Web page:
I’ve just referred to “biographers,” but the designation doesn’t apply to Treglown, at least not in this book. (A former editor of The Times Literary Supplement, he has published proper lives of V.S. Pritchett, Roald Dahl and Henry Green.) It is, he writes, “a study of John Hersey’s career, not a full biography.” I imagine all the manuscripts, royalty statements and editorial back-and-forths on offer at Yale led him to that decision, but it generated a torque that seems to have directed him to library stalls and away from the wider world, to the detriment of the book. Judging by the text, end notes and acknowledgments, Treglown appears to have conducted no more than a dozen on-the-record interviews in preparing Mr. Straight Arrow. Talking to Hersey’s children, to a good sample of his scores of former students (instead of just one), to his surviving friends and colleagues at Yale, The New Yorker and the publisher Alfred A. Knopf not only would have provided anecdotes but also would have helped the author with perspective, sometimes a problem for the book.
Broader reading beyond just the Hersey papers would have helped, too. This was most clear to me in the material relating to The New Yorker: Treglown, who is English, doesn’t have a strong sense of magazine’s unique editorial culture, conventions and procedures and how they shaped Hersey’s work for it, which included not only Hiroshima but dozens of contributions from 1944 till 1988. The founding editor, Harold Ross, had an idiosyncratic approach to journalism and writing more generally, which showed up in the lengthy “query sheets” he attached to drafts of articles. Ross wrote a voluminous query sheet for Hiroshima, bringing up many minor points and some major ones. An example of the latter was prompted by Hersey’s reference, in his first draft, to a fact his characters probably wouldn’t have been aware of. Ross wrote:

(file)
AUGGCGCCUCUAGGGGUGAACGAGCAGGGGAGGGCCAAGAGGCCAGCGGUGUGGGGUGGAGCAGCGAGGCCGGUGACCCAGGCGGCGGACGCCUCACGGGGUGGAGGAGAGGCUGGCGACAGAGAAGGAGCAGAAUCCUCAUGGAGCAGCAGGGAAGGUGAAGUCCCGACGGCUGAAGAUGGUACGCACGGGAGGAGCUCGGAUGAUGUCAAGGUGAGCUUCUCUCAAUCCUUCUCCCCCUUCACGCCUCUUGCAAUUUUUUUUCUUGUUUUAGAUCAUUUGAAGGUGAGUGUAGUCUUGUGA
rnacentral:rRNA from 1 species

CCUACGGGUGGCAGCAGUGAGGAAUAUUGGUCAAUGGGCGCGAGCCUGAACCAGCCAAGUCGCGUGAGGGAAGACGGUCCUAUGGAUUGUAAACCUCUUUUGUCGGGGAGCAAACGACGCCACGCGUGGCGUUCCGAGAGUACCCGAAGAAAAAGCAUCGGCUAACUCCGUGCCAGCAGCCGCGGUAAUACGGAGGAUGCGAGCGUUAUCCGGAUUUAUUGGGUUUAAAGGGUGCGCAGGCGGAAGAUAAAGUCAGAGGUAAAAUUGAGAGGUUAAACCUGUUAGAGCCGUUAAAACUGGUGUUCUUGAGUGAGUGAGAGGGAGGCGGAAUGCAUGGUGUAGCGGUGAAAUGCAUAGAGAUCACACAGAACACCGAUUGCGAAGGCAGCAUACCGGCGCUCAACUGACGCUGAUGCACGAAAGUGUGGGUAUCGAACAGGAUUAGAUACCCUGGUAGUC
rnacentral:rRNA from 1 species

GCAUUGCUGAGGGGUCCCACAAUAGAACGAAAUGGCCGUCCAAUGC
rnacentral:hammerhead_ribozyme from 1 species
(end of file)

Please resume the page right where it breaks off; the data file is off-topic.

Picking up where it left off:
Touchy technical point here, and an important one. This is a story throughout of what people see first hand and (except for a few parenthetical remarks) only that. Did this woman see her dead husband and know it that way. If so should be told that way. If not, should be out, as getting ahead of the story.
Hersey cut the line out. And Treglown makes no reference to the query sheet.
The book could also use a fuller and more nuanced sense of Hersey’s place in and ambivalent attitude toward the so-called New Journalism. Hiroshima is often named as pioneering some of the techniques associated with the movement, like dialogue and omniscient narration, yet in the ‘70s and ‘80s, Hersey spoke out what he saw as insufficient regard for facts and excessive self-promotion in some New Journalists. Treglown doesn’t mention an important 1980 essay where he laid out his criticisms, “The Legend on the License.” (“There is one sacred rule of journalism,” Hersey said. “The writer must not invent. The legend on the license must read: NONE OF THIS WAS MADE UP.”) More seriously, he doesn’t seem to be aware that in a 1944 Hersey article about a damaged returning soldier, “Joe Is Home Now,” written in the style of a short story and cited by Tom Wolfe as a New Journalism precursor, “Joe” is a composite character, based on interviews with more than 40 veterans.
It’s annoying when reviewers say authors should have written a different book from the one they produced. But I can’t resist saying that if Treglown wasn’t going to do a full-scale biography he might have been better off writing a critical study of Hersey. His close readings of the author’s work are credible and smart, and he’s especially insightful on the way they reflect the author’s character. He writes of Hersey’s late novels, “Whatever parts of himself he was drawing on in these books, his puritanism encumbers them as fictional elements, and his reticence—surely part of the same apparatus—keeps them largely beyond biographical reach.”
That reticence, that rock-ribbed uprightness and uptightness, was an essential characteristic for John Hersey. It was part of what made him a great journalist, an ambitious and earnest but not first-rank novelist, and someone who, as the subject of this book, has proved frustratingly hard to pin down.